The glory of the Lakers remains only in Winning Time (Time to Win), HBO’s fictional series about the birth of the Los Angeles myth with Magic Johnson. On the court, the team that LeBron James filled with veterans has been the protagonist of one of the most notorious failures in the NBA this season. The Phoenix Suns of Devin Booker and Chris Paul have become the Angelenos’ executioners for the second consecutive year. Last year, they were eliminated in the first round of the postseason. They have run out of chances to reach the playoffs with 48 losses in 79 games. You have to go back to January to find their last winning streak, with only four games. James, who is still carrying the team, witnessed the setback sidelined on the bench with a left ankle injury. The official funeral of the team at home will be this Friday against Oklahoma in the Crypto arena.
The Lakers’ 18th title and LeBron’s fifth ring will have to wait. This is the fourth time James has missed a postseason in his nearly 20-year career. This has been his best season as a scorer in 16 years, averaging 30.3 points per game. His recent displays of power did little to silence critics. In March he had two games scoring more than 50 points, against Golden State and against the DC Wizards, but it was injuries that have marked his year. He has missed 23 games so far, including Tuesday’s loss to Phoenix. He has not even been the one who has missed the field the most. Center Anthony Davis, who is continually mocked by fans as the glass man, missed 39 games. “Our goal was to win a championship, but injuries got in the way,” Davis said Tuesday.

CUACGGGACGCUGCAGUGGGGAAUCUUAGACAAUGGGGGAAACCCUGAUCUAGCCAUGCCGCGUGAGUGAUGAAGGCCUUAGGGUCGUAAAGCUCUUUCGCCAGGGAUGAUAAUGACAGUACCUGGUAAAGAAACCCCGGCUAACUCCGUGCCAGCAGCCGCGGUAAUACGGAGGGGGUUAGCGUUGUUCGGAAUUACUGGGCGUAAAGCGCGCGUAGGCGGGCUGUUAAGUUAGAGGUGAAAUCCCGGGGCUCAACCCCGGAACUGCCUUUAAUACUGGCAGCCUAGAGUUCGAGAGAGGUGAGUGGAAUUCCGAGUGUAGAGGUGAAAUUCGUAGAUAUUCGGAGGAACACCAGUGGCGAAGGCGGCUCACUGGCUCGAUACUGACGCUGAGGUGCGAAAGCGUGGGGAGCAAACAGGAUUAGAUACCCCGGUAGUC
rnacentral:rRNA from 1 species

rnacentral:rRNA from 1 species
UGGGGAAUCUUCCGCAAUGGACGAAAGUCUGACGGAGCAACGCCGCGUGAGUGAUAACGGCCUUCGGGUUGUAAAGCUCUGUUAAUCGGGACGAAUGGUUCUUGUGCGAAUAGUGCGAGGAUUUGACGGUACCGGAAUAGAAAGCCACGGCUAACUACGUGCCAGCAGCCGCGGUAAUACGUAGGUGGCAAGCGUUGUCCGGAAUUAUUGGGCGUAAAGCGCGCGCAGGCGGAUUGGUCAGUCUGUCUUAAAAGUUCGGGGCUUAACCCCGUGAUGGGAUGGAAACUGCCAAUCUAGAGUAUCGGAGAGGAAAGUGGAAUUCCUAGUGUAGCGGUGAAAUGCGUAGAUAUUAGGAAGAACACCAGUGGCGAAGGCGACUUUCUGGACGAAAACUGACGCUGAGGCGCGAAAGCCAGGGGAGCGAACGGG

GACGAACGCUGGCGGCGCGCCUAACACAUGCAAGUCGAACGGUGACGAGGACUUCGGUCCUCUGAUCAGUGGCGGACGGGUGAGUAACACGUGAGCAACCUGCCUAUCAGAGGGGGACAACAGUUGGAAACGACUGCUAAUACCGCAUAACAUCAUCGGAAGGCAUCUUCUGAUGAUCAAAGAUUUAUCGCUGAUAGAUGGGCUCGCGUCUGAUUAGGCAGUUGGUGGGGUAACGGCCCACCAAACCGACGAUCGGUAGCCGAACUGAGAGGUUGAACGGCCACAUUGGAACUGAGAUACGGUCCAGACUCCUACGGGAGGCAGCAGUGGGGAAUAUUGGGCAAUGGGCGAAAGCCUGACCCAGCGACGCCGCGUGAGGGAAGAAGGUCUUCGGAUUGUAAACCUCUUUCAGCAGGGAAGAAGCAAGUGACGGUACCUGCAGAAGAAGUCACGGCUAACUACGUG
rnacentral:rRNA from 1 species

The season has drawn heavy criticism from other legends who wore yellow and purple. Kareem Abdul-Jabbar has criticized him for his behavior off the court, where James has spent a lot of time in the 2021-2022 campaign. Especially for comments that he has made on social networks downplaying the pandemic and the coronavirus health crisis. “He should be ashamed,” said the legendary player in early April, the only one who surpasses the current number 6 of the Lakers in the list of all-time leading scorers in the NBA. James is still 1,300 points behind the legendary center.
Criticism of the figures
Earvin Magic Johnson has been another critic of the decisions that led to the Los Angeles debacle, noting that the team “doesn’t try hard enough or have a sense of urgency to win.” The figure of the player is experiencing a renaissance thanks to the fictional series based on the book by the journalist from Sports IllustratedJeff Pearlman, and for the documentary They Call Me Magic (They call me Magic) from Apple TV. This week, he blamed Lebron for foiling plans for Chicago Bulls star DeMar DeRozan to move to the West Coast team. “DeRozan wanted to play for the Lakers … but when Russell [Westbrook] and LeBron started talking, that derailed the deals and the team got Westbrook,” the iconic Hall of Fame point guard said on ESPN.
In fans’ minds, Westbrook’s arrival on the team will go down in the annals of poor decisions made during the season. Signed from the Wizards on a $44 million-for-the-year deal, the veteran’s arrival meant the team shed rising players Kyle Kuzma, Kentavious Caldwell-Pope and Montrezl Harrell. The plans of James and the coach, Frank Vogel (whose continuity on the bench is in the air), depended on the trident formed by the star along with Westbrook and Davis.
But the so-called Big 3 was a flop thanks to injuries. He only coincided on the court in 21 games. The chemistry between James and Davis, basic to achieving the championship in 2020, has also evaporated. This year they recorded 11 wins and 11 losses playing together. Westbrook, who was the leading scorer in Tuesday’s loss to the Suns with 28 points, has been booed at home in several games and nicknamed “westbrick” (brick). The verdict is that his style hasn’t meshed with the Lakers. The future of the Big 3 is uncertain, but forecasts ensure that they will not be seen together again in the next season.
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